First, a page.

From NKAA, Notable Kentucky African Americans Database (main entry)

Anderson, W. H.

(born: 1843) 

In 1852 the separate coach bill became law in Kentucky. In 1893, Rev. W. H. Anderson from Indiana and his wife, Sarah J. Steward Anderson, tested the law by sitting in the white section of the train and refusing to move. They were put off the train and subsequently filed a $15,000 lawsuit against L & N Railroad. U.S. District court ruled the law unconstitutional and void for interstate commerce, and the Andersons won their lawsuit. W. H. Anderson was a Civil War veteran, having served in the 13th Regiment U.S. Colored Infantry. He was the minister of McFarland Chapel in Evansville, IN, in 1889, when he became the first minister in the state to receive an honorary Doctor of Divinity from State University in Louisville, KY [Simmons University]. For more see Kentucky's Black Heritage, by the Kentucky Commission on Human Rights; A. A. Marshall, "Kentucky's separate coach law and African American response, 1892-1900," Register of the Kentucky Historical Society, vol. 98, issue 3 (2000), pp. 241-259; and "Rev. W. H. Anderson, D.D." on pp.36-42 in Our Baptist Ministers and Schools, by A. W. Pegues.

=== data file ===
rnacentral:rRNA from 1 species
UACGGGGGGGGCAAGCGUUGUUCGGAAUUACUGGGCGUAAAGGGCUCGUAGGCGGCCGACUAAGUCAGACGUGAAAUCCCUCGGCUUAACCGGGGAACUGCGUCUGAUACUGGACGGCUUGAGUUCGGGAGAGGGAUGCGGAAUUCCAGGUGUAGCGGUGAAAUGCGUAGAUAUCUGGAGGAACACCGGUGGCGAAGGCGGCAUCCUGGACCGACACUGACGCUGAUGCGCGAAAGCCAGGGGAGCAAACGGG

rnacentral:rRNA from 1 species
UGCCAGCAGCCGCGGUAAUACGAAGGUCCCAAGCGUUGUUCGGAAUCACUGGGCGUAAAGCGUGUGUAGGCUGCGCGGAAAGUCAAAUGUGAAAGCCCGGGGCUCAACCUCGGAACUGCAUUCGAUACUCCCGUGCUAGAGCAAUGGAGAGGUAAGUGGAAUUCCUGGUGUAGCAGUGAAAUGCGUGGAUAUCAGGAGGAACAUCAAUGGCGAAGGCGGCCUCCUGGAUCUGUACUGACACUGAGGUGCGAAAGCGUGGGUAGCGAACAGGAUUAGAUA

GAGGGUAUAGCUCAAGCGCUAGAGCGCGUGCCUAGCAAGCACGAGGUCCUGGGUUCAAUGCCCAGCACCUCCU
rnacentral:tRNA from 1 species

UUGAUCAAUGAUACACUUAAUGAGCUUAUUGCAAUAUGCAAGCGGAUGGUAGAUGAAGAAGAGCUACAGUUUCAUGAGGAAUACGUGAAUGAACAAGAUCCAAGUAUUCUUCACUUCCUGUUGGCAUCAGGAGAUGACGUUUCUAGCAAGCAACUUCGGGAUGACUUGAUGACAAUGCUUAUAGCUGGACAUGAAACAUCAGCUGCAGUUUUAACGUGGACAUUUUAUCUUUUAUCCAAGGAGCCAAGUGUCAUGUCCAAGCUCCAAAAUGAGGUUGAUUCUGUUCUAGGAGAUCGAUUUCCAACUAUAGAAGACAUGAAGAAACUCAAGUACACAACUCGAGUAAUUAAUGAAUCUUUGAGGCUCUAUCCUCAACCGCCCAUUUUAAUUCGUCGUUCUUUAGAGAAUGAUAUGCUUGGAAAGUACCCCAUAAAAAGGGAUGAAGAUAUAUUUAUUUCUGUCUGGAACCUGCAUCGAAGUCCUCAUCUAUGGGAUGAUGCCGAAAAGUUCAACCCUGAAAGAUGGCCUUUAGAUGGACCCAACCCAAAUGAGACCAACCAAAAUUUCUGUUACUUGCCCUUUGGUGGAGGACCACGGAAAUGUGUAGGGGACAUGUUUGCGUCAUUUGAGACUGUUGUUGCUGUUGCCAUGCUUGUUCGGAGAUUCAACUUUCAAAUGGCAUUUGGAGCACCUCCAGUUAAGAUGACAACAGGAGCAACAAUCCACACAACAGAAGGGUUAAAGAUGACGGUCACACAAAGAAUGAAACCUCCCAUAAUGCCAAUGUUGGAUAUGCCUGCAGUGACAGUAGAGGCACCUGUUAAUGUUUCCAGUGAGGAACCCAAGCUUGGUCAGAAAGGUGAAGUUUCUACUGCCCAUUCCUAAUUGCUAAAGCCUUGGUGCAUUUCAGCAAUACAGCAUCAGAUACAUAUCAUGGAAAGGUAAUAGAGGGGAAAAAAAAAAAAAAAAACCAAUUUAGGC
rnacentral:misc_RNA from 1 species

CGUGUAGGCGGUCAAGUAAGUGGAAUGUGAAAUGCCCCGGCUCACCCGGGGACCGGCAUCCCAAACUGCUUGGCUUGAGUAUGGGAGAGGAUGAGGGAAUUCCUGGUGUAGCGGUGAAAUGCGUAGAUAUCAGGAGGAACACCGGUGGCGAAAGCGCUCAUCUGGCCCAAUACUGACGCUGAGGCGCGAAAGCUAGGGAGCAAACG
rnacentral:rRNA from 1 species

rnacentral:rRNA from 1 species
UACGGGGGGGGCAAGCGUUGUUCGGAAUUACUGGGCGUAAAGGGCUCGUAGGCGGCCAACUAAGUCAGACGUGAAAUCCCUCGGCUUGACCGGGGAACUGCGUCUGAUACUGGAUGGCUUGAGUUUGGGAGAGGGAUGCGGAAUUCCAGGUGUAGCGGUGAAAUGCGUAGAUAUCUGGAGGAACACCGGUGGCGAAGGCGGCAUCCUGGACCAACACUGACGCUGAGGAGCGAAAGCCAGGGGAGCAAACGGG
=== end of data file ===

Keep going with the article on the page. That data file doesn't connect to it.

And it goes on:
Outside Kentucky Place Name


Cited in this Entry

NKAA Entry: Simmons College (Louisville, KY)
NKAA Source: Kentucky's Black heritage; the role of the Black people in the history of Kentucky from pioneer days to the present
NKAA Source: The Register of the Kentucky State Historical Society (periodical)
NKAA Source: Our Baptist ministers and schools

Cite This NKAA Entry:

“Anderson, W. H.,” Notable Kentucky African Americans Database, accessed March 3, 2021,

Last modified: 2017-12-20 23:41:34